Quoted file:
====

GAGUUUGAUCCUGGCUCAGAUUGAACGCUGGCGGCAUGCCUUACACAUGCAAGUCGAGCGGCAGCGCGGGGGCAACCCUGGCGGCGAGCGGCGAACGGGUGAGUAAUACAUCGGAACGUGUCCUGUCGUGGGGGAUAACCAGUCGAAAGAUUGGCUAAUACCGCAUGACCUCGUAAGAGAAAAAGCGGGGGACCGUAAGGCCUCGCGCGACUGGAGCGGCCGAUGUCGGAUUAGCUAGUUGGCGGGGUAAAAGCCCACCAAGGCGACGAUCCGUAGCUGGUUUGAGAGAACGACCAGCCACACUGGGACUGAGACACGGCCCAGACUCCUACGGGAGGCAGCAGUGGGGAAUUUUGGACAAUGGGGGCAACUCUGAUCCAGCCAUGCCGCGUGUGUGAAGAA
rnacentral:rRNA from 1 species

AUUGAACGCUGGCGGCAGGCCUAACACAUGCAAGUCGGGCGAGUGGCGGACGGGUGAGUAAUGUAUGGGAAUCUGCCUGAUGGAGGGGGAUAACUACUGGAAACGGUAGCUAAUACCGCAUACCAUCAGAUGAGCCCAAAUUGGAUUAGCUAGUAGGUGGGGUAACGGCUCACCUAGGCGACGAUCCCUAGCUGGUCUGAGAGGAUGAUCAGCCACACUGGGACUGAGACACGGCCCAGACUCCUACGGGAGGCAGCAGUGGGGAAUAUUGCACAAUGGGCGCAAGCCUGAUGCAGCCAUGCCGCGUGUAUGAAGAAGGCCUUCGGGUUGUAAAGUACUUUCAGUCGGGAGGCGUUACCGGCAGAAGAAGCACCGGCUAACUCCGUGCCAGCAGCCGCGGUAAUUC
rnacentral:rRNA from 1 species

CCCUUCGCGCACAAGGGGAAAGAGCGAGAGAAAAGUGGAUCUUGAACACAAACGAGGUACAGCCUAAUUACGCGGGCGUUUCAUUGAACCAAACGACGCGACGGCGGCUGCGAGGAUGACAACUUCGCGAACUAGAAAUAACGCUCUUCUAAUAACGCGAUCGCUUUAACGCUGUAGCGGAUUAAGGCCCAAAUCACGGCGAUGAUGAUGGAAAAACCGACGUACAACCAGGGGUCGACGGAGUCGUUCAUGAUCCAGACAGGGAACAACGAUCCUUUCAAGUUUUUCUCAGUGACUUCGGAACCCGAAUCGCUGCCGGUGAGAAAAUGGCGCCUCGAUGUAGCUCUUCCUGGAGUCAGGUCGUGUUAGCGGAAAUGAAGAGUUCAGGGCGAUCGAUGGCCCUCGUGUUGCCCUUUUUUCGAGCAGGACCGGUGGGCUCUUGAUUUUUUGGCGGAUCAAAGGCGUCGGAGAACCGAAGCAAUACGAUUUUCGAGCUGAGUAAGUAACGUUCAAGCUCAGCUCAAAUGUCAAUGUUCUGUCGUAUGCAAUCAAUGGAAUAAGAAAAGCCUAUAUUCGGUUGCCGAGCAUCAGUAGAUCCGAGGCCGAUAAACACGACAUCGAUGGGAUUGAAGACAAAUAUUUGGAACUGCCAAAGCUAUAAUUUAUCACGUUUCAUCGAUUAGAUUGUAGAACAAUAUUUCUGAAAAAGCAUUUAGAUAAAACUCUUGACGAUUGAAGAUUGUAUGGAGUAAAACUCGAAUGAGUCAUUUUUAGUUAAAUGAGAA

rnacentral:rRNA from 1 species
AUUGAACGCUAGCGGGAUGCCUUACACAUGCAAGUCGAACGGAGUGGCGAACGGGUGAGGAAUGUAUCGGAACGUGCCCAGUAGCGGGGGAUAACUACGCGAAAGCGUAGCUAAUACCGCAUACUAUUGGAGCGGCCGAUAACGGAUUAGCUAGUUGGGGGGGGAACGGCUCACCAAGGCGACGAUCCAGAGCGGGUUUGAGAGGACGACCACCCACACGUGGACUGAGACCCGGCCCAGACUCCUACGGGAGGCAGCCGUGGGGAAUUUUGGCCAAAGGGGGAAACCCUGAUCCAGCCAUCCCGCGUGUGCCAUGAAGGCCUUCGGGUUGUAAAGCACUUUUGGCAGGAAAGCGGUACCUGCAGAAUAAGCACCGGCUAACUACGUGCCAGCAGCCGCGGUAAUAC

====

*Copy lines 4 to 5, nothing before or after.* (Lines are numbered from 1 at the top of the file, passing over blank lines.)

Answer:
rnacentral:rRNA from 1 species

CCCUUCGCGCACAAGGGGAAAGAGCGAGAGAAAAGUGGAUCUUGAACACAAACGAGGUACAGCCUAAUUACGCGGGCGUUUCAUUGAACCAAACGACGCGACGGCGGCUGCGAGGAUGACAACUUCGCGAACUAGAAAUAACGCUCUUCUAAUAACGCGAUCGCUUUAACGCUGUAGCGGAUUAAGGCCCAAAUCACGGCGAUGAUGAUGGAAAAACCGACGUACAACCAGGGGUCGACGGAGUCGUUCAUGAUCCAGACAGGGAACAACGAUCCUUUCAAGUUUUUCUCAGUGACUUCGGAACCCGAAUCGCUGCCGGUGAGAAAAUGGCGCCUCGAUGUAGCUCUUCCUGGAGUCAGGUCGUGUUAGCGGAAAUGAAGAGUUCAGGGCGAUCGAUGGCCCUCGUGUUGCCCUUUUUUCGAGCAGGACCGGUGGGCUCUUGAUUUUUUGGCGGAUCAAAGGCGUCGGAGAACCGAAGCAAUACGAUUUUCGAGCUGAGUAAGUAACGUUCAAGCUCAGCUCAAAUGUCAAUGUUCUGUCGUAUGCAAUCAAUGGAAUAAGAAAAGCCUAUAUUCGGUUGCCGAGCAUCAGUAGAUCCGAGGCCGAUAAACACGACAUCGAUGGGAUUGAAGACAAAUAUUUGGAACUGCCAAAGCUAUAAUUUAUCACGUUUCAUCGAUUAGAUUGUAGAACAAUAUUUCUGAAAAAGCAUUUAGAUAAAACUCUUGACGAUUGAAGAUUGUAUGGAGUAAAACUCGAAUGAGUCAUUUUUAGUUAAAUGAGAA